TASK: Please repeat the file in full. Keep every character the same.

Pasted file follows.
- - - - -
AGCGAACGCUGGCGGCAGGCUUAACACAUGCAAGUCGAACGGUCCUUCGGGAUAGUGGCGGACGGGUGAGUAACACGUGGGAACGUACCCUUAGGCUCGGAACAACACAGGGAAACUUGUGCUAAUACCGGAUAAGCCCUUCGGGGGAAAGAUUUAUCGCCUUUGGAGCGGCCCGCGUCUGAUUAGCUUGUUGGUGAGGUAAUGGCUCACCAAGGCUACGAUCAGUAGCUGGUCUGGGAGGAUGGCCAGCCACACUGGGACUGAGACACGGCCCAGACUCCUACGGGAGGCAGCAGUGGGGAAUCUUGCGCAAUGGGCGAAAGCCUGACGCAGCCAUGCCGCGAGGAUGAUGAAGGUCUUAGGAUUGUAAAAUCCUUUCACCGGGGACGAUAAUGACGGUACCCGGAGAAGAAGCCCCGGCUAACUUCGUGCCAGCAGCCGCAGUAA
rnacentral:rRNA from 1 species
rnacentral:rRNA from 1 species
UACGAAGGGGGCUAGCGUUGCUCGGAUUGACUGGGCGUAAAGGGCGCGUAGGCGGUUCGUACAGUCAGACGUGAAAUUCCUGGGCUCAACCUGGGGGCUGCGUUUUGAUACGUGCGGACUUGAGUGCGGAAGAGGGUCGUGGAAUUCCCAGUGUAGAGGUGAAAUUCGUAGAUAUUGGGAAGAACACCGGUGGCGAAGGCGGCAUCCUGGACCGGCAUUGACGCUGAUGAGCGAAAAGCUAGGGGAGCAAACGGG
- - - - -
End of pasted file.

AGCGAACGCUGGCGGCAGGCUUAACACAUGCAAGUCGAACGGUCCUUCGGGAUAGUGGCGGACGGGUGAGUAACACGUGGGAACGUACCCUUAGGCUCGGAACAACACAGGGAAACUUGUGCUAAUACCGGAUAAGCCCUUCGGGGGAAAGAUUUAUCGCCUUUGGAGCGGCCCGCGUCUGAUUAGCUUGUUGGUGAGGUAAUGGCUCACCAAGGCUACGAUCAGUAGCUGGUCUGGGAGGAUGGCCAGCCACACUGGGACUGAGACACGGCCCAGACUCCUACGGGAGGCAGCAGUGGGGAAUCUUGCGCAAUGGGCGAAAGCCUGACGCAGCCAUGCCGCGAGGAUGAUGAAGGUCUUAGGAUUGUAAAAUCCUUUCACCGGGGACGAUAAUGACGGUACCCGGAGAAGAAGCCCCGGCUAACUUCGUGCCAGCAGCCGCAGUAA
rnacentral:rRNA from 1 species
rnacentral:rRNA from 1 species
UACGAAGGGGGCUAGCGUUGCUCGGAUUGACUGGGCGUAAAGGGCGCGUAGGCGGUUCGUACAGUCAGACGUGAAAUUCCUGGGCUCAACCUGGGGGCUGCGUUUUGAUACGUGCGGACUUGAGUGCGGAAGAGGGUCGUGGAAUUCCCAGUGUAGAGGUGAAAUUCGUAGAUAUUGGGAAGAACACCGGUGGCGAAGGCGGCAUCCUGGACCGGCAUUGACGCUGAUGAGCGAAAAGCUAGGGGAGCAAACGGG